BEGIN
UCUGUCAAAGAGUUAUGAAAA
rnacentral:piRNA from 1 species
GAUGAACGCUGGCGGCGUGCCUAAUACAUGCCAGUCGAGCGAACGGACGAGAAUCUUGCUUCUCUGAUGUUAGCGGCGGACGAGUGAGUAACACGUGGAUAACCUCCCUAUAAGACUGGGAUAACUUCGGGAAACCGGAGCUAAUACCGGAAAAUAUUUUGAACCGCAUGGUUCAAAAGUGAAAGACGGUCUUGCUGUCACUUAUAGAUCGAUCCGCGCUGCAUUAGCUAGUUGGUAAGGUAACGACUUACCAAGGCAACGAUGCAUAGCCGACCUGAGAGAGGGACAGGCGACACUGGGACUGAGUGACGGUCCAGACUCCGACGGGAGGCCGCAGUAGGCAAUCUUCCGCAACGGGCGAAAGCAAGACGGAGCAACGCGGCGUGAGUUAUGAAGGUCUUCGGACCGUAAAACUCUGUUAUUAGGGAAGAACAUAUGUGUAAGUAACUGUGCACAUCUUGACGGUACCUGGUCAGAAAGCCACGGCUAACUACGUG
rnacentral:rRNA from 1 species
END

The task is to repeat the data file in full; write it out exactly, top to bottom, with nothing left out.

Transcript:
UCUGUCAAAGAGUUAUGAAAA
rnacentral:piRNA from 1 species
GAUGAACGCUGGCGGCGUGCCUAAUACAUGCCAGUCGAGCGAACGGACGAGAAUCUUGCUUCUCUGAUGUUAGCGGCGGACGAGUGAGUAACACGUGGAUAACCUCCCUAUAAGACUGGGAUAACUUCGGGAAACCGGAGCUAAUACCGGAAAAUAUUUUGAACCGCAUGGUUCAAAAGUGAAAGACGGUCUUGCUGUCACUUAUAGAUCGAUCCGCGCUGCAUUAGCUAGUUGGUAAGGUAACGACUUACCAAGGCAACGAUGCAUAGCCGACCUGAGAGAGGGACAGGCGACACUGGGACUGAGUGACGGUCCAGACUCCGACGGGAGGCCGCAGUAGGCAAUCUUCCGCAACGGGCGAAAGCAAGACGGAGCAACGCGGCGUGAGUUAUGAAGGUCUUCGGACCGUAAAACUCUGUUAUUAGGGAAGAACAUAUGUGUAAGUAACUGUGCACAUCUUGACGGUACCUGGUCAGAAAGCCACGGCUAACUACGUG
rnacentral:rRNA from 1 species